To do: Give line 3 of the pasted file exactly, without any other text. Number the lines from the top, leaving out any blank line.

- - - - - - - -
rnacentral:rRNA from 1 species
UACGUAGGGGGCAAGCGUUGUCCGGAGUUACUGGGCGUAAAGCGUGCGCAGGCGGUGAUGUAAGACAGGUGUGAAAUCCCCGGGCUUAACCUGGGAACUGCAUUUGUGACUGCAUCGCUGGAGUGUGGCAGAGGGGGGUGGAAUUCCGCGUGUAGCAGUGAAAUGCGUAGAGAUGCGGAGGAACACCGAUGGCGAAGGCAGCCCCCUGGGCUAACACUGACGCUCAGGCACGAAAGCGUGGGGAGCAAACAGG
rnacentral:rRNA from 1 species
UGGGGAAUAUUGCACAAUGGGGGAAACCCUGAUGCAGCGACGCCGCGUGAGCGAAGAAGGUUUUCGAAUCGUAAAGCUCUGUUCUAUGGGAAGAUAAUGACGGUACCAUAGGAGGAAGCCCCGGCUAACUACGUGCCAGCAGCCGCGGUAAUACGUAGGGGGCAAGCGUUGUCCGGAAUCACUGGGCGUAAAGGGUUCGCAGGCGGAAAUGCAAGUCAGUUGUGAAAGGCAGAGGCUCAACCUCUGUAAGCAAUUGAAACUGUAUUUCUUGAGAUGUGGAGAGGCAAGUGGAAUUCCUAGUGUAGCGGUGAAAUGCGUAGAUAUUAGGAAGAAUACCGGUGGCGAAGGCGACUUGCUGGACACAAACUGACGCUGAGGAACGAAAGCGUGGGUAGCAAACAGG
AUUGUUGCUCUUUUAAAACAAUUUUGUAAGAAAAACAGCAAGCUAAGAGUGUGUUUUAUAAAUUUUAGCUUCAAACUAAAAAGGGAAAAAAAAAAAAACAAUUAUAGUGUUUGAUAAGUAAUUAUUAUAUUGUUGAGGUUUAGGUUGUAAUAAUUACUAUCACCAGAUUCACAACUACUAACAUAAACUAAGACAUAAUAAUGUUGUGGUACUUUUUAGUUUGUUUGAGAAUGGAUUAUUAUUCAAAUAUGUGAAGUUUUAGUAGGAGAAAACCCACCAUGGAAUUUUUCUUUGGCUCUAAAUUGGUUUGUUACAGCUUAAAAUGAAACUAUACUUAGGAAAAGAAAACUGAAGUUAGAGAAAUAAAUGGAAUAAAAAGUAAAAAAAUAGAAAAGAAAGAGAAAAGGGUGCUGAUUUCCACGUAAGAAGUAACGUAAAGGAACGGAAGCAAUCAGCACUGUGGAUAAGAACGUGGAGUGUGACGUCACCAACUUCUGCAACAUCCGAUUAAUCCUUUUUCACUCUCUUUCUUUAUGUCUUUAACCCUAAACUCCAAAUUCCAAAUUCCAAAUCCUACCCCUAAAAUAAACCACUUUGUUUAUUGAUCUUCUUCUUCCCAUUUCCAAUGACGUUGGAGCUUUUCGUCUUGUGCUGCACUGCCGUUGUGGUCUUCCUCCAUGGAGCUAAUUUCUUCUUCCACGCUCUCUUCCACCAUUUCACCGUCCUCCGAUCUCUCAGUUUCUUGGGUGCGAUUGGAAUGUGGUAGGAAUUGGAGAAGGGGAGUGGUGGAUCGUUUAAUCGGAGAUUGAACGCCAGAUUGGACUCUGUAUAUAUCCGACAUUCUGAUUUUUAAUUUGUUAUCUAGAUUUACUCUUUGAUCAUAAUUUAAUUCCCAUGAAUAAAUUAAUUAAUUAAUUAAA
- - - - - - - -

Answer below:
rnacentral:rRNA from 1 species